My mom taught me this trick: go over your caulking beads immediately with a damp cloth to clean away any excess right away. This goes for the nail hole filling, too!

DIY Simple Craftsman Shaker Window & Door Trim by The DIY Mommy

The nail holes also need to be filled with caulking, as do the little indentations on the tops and bottom of the trim that you see.

DIY Simple Craftsman Shaker Window & Door Trim by The DIY Mommy

I’ve left some of this fiddly work for later – along with a final coat of paint once the nail holes are sanded and the caulking is complete.

DIY Simple Craftsman Shaker Window & Door Trim by The DIY Mommy

Aren’t they so simple and lovely?

DIY Simple Craftsman Shaker Window & Door Trim by The DIY Mommy

I really think this trim gives off the vibe I was looking for: craftsman character, yet simple and modern.

DIY Simple Craftsman Shaker Window & Door Trim by The DIY Mommy

I love how the trim around our transom windows by the fireplace made the windows really pop!

DIY Simple Craftsman Shaker Window & Door Trim by The DIY Mommy

The contrast of the white trim with Little C’s electric purple room is wonderful! I’ve also made some easy DIY fabric-covered black out roller shades to hang in the windows and I’ll share that tutorial next.

Thanks for such a great product to work with, Windsor Plywood, and for all of your friendly help on this fun DIY. I feel like I can conquer the world now!

What do you think of our simple craftsman trim? Are you ready to master a saw and nail gun for your next home reno project?

(Disclosure: This post is sponsored in part by Windsor Plywood West Edmonton. The views and opinions expressed here are purely my own.)

Our DIY House by The DIY MommyThis post is part of my “Our DIY House” series where I’ll share with you my most exciting DIY ever – building a country house from the foundation up with my talented hubby! We’re crazy, we’re creative, we’re on a limited budget and we’re planning on having it finished in the Spring of 2013.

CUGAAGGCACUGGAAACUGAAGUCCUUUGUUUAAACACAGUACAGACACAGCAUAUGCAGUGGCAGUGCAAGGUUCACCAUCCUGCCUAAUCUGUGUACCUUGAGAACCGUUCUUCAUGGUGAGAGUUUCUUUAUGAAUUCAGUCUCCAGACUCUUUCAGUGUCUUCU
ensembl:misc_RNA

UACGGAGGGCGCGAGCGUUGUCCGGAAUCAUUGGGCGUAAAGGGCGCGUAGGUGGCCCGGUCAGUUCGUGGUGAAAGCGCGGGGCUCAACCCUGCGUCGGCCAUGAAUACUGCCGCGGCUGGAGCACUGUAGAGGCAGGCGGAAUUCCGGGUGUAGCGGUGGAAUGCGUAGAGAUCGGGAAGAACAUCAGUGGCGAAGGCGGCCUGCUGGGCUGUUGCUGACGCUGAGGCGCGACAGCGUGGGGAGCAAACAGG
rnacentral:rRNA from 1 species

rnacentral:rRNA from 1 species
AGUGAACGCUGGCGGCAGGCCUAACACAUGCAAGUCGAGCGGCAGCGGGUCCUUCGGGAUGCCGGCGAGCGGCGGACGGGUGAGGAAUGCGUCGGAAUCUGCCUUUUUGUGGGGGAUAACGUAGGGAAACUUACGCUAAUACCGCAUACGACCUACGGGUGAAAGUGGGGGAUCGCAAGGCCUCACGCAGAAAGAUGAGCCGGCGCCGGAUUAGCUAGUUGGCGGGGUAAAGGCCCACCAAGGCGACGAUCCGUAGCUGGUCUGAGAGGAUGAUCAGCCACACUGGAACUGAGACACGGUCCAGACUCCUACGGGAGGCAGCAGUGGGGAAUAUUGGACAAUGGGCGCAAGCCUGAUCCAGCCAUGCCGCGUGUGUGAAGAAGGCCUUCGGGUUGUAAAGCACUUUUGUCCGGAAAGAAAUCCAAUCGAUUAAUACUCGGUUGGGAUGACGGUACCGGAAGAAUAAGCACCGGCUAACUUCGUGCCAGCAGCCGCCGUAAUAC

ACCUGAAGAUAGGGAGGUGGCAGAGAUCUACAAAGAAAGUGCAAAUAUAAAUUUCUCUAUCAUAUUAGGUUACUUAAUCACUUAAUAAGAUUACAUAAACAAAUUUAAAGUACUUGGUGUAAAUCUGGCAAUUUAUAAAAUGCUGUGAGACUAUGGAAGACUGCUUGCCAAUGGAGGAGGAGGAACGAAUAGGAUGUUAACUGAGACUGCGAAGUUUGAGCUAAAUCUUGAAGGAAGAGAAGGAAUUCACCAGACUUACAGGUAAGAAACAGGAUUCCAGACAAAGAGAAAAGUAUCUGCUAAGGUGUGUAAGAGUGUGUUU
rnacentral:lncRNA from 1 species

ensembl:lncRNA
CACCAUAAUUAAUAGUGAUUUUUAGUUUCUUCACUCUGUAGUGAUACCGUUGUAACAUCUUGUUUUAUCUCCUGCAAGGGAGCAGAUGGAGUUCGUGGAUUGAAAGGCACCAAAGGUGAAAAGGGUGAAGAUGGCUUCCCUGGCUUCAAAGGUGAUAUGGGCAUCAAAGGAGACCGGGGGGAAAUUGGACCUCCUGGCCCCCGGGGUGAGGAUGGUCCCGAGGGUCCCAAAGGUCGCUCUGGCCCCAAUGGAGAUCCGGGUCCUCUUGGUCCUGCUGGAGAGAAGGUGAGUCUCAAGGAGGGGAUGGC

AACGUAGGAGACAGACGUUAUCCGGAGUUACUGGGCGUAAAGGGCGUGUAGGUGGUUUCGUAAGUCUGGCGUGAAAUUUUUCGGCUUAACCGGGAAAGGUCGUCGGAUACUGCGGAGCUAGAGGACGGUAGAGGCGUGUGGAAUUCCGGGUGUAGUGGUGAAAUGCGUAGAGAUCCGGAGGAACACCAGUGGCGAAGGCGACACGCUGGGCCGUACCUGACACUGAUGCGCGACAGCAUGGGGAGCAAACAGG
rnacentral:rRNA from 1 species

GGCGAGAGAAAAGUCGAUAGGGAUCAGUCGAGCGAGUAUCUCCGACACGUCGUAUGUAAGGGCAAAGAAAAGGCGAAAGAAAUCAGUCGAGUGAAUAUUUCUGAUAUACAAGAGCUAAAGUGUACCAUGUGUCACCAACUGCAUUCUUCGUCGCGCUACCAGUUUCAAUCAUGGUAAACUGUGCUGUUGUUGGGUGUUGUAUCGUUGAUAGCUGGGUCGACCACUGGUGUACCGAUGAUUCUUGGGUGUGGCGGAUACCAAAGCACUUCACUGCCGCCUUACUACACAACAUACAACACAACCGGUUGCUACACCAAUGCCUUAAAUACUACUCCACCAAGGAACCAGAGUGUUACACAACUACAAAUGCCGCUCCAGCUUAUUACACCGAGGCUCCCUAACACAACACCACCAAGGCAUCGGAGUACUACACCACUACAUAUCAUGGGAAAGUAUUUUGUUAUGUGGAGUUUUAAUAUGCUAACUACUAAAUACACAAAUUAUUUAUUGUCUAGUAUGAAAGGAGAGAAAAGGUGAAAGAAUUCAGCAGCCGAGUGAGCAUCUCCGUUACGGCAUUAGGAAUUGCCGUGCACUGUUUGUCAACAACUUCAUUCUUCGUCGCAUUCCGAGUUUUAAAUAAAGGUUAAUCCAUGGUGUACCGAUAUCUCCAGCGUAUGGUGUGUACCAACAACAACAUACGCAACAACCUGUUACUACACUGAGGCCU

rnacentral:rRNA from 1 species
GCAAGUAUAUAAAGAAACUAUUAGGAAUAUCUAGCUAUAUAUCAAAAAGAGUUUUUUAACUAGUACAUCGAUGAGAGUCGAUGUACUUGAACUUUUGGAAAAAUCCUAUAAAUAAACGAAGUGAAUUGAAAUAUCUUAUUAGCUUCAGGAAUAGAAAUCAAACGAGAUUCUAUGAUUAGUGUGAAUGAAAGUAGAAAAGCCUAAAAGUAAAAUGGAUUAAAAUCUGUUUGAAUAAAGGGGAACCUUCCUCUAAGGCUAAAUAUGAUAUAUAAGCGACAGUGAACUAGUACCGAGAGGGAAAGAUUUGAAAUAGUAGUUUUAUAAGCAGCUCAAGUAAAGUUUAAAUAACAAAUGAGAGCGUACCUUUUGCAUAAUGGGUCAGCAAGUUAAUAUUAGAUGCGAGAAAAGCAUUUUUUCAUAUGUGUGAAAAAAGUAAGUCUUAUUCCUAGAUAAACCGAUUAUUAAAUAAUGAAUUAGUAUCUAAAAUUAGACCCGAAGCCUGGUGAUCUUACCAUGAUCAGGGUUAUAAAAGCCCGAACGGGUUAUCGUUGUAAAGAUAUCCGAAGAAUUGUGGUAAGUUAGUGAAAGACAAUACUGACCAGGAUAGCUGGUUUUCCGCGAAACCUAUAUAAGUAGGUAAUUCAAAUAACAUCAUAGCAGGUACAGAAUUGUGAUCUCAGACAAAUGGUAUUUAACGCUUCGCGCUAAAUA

DIY Simple Craftsman Trim - Our DIY House

DIY Simple Craftsman Trim - Our DIY House

Active Time: 1 hour
Total Time: 1 hour
Difficulty: Easy

How to make simple craftsman / shaker trim

Materials

  • Paint
  • Casing (I used 3")
  • Caulking

Tools

  • Cross Cut Saw
  • Nail Gun
  • Foam Roller
  • Caulking Gun
  • Sanding block

Instructions

I decided on having the tops and bottoms of my window casings jut out from the side casings 3/4″. The door frames will be the same. This makes for a lot of straight, easy cuts that I was able to do all by myself.

  1. My casing is 3″ wide (the baseboards are 4″ wide) and we wanted a 1/4″ reveal of the window frame before the casing began, my formula was as follows:

    Side casings = window inside height measurement + 1/2″ (x2 pieces)
    Top casings = window inside width measurement + 8″ (6″ for the trim + 1/2″ reveal + 1 1/2″ jut-out) (x2 pieces)

    I carefully measured and cut the windows one at a time, and if there were two or three the same I cut the pieces all together.
  2. I gave everything a light sand (and sanded the short ends of the top and bottom pieces) and then coated them once with our trim paint (with a foam roller – my favourite for a smooth finish).
  3. I cut a “jig” out of a 1/4″ thick piece of plywood that I could use as a measuring stick when I placed the casings on the window (since they needed to be 1/4″ from the inside of the window). Once I had the casings placed, I nailed the top and the bottom to the wall with a nail gun and then the middle once or twice (depending on the length of the casing).
  4. I repeated with the second side.
  5. Then the bottom (I eyeballed the 3/4″ on each side, mostly).
  6. Finally, I nailed the top piece on. After I nailed the trim in place, I caulked around the inside edge (where the casing meets the window). The smaller the hole in your caulking tube, the better!
  7. The nail holes also need to be filled with caulking, as do the little indentations on the tops and bottom of the trim that you see.
  8. Lightly sand the nail holes and finish off with a final coat of paint.

Notes

My mom taught me this trick: go over your caulking beads immediately with a damp cloth to clean away any excess right away. This goes for the nail hole filling, too!